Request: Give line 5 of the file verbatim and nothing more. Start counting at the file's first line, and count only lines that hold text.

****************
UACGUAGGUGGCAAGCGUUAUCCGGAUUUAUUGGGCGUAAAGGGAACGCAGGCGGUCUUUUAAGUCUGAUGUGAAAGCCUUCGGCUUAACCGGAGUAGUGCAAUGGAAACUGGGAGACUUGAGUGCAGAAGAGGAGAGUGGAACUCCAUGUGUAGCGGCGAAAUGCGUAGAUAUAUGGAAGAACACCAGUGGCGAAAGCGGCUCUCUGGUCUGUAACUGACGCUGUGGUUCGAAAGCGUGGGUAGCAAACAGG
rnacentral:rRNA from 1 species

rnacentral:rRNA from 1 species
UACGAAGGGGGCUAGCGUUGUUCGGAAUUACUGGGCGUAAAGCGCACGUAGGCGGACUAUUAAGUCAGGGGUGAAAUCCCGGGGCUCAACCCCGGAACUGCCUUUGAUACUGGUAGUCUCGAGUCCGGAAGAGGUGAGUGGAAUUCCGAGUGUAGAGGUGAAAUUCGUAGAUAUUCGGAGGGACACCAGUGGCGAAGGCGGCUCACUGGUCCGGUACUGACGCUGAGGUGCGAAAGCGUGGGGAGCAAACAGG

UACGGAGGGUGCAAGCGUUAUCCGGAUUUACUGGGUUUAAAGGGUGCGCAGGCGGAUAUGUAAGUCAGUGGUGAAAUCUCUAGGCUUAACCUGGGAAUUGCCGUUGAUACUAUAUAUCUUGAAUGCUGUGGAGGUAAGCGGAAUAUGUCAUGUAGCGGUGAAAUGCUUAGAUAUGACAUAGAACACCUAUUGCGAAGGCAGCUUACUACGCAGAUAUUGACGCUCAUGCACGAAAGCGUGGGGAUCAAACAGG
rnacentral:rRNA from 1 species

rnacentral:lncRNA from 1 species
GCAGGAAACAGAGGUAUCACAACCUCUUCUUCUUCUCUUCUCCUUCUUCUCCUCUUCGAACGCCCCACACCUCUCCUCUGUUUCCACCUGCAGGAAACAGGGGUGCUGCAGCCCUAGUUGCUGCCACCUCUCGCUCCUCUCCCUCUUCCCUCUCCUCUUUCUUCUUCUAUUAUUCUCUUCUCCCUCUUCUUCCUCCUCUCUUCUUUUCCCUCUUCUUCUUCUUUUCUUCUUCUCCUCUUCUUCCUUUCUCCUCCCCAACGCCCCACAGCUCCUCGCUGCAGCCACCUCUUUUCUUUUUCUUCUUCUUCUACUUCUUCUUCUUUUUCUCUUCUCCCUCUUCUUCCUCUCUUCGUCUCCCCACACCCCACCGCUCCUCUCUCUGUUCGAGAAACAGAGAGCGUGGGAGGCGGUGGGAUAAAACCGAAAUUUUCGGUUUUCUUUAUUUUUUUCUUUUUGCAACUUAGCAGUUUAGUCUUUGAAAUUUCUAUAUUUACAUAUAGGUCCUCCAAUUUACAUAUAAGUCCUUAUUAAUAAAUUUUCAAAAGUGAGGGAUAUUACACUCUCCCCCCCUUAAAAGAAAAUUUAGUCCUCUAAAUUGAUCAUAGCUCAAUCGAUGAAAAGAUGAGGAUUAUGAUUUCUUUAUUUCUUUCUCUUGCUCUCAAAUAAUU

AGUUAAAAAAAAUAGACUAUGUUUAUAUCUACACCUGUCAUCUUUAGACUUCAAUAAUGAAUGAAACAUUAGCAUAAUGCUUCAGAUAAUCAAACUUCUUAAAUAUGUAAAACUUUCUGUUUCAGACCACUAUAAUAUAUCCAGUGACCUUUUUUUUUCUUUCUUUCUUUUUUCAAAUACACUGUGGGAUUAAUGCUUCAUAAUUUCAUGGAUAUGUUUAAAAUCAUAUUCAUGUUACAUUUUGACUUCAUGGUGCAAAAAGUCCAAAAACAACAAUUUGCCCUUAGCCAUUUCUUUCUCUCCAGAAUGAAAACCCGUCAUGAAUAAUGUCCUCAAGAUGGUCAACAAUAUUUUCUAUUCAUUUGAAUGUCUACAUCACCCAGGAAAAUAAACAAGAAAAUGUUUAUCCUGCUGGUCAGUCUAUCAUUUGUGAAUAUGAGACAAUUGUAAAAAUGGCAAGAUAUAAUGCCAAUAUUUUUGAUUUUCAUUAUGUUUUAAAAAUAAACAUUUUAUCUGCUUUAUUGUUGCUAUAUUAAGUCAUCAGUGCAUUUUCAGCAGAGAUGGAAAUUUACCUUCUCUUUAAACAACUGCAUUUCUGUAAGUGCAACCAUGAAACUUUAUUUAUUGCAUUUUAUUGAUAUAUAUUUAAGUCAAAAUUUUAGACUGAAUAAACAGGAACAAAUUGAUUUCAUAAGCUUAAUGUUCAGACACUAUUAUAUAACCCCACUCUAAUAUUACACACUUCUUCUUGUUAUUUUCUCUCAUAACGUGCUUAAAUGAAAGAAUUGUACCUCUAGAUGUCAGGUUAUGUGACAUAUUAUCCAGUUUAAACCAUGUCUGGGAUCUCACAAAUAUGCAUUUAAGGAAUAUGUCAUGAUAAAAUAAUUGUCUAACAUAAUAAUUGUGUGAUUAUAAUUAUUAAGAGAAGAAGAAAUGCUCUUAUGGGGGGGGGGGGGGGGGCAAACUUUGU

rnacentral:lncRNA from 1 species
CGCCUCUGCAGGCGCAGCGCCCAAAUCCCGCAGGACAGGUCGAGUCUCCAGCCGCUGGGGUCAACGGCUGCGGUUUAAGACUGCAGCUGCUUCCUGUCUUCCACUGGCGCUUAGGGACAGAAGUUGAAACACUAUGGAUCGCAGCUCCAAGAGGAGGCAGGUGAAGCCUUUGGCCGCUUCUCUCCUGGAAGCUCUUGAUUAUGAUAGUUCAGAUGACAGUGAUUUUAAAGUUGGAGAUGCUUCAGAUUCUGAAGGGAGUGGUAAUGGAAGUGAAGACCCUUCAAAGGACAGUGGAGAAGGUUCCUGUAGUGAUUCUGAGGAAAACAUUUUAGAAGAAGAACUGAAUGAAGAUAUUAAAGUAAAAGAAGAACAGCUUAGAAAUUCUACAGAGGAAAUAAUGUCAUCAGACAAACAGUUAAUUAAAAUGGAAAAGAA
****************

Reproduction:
UACGGAGGGUGCAAGCGUUAUCCGGAUUUACUGGGUUUAAAGGGUGCGCAGGCGGAUAUGUAAGUCAGUGGUGAAAUCUCUAGGCUUAACCUGGGAAUUGCCGUUGAUACUAUAUAUCUUGAAUGCUGUGGAGGUAAGCGGAAUAUGUCAUGUAGCGGUGAAAUGCUUAGAUAUGACAUAGAACACCUAUUGCGAAGGCAGCUUACUACGCAGAUAUUGACGCUCAUGCACGAAAGCGUGGGGAUCAAACAGG